China's new position in global economic governance

By John Ross
0 Comment(s)Print E-mail, February 10, 2016
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International Monetary Fund executive director Christine Lagarde.

At the beginning of 2016, changes in the structure of the IMF at last came into effect which had been originally agreed in December 2010 under the impact of the international financial crisis. They gave China the third largest place among IMF quotas and meant that the BRIC economies (Brazil, China, India, and Russia) became among the 10 largest members of the IMF, joining the US, Japan, Germany, France, the UK and Italy. More than six percent of quota shares were shifted to developing economics.

The reason for the prolonged five-year delay in implementing these necessary changes, reflecting the growing economic weight of developing countries, was that until the end of 2015, the US Congress refused to pass legislation to implement agreements already negotiated by the US government.

It is clear what persuaded Congress to change its position. It was China's success in setting up the Asian Infrastructure Investment Bank (AIIB) and the refusal of key US allies, such as Britain, to go along with the US government's calls to boycott the AIIB. This made clear that if the US continued to block necessary reforms in existing international economic institutions, China had the strength to create alternatives and other countries would not endorse US inflexibility.

The delayed change in the IMF illustrates China's overall approach to global economic governance. China clearly had not sought confrontation or attempted to bypass existing global institutions for no valid reason. On the contrary, China showed considerable patience when confronted with the prolonged foot dragging by the US legislature. Also, the AIIB from the outset was open to all countries. China showed the same patience in the rather lengthy process by which the RMB was included in the IMF's basket of currencies for Special Drawing Rights (SDRs). These cases confirm that China is pursuing a path of gradually and organically adapting multilateral economic institutions to take account of major shifts in the world economy and only being forced to go outside existing institutions if evidently required changes are entirely blocked.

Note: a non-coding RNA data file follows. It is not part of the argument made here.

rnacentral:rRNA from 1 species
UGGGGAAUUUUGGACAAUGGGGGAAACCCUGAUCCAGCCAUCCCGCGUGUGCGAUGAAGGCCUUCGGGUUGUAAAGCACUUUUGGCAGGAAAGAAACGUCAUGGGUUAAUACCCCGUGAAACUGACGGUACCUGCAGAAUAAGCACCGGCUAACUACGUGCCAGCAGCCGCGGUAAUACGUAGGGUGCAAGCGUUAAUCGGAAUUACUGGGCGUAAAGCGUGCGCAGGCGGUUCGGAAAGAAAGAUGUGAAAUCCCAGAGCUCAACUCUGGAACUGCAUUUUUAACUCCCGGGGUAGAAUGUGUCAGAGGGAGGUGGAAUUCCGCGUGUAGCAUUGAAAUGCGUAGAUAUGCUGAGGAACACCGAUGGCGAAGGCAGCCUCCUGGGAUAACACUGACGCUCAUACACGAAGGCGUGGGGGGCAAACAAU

In contrast, the US has recently initiated a new foreign policy path of going outside existing global economic organisations in a confrontational fashion, as seen clearly with international trade. When the World Trade Organisation (WTO) was created in 1995, this was the culmination of seven previous rounds of post-World War II trade negotiations under the earlier General Agreement on Tariffs and Trade agreements (GATT). For half a century, the US had played a leading role in negotiating such multilateral agreements.

With the emergence of China as the world's largest goods trading organisation, second only to the US in total trade, the most important multilateral negotiations to further liberalise world trade should clearly involve the US, China and the EU, the three main world trade centres. Instead of pursuing multilateral liberalisation, centring on the WTO, the US instead sought negotiations excluding China, seeking to arrive at agreements with some Pacific countries via the Transpacific Partnership (TPP), and with Europe in the Transatlantic Trade and Investment Partnership (TTIP). Therefore, while China pursued a strategy of maintaining and developing the framework of exiting multilateral organisations, except in the case where change in these is entirely blocked, the US deliberately initiated a process going outside them.

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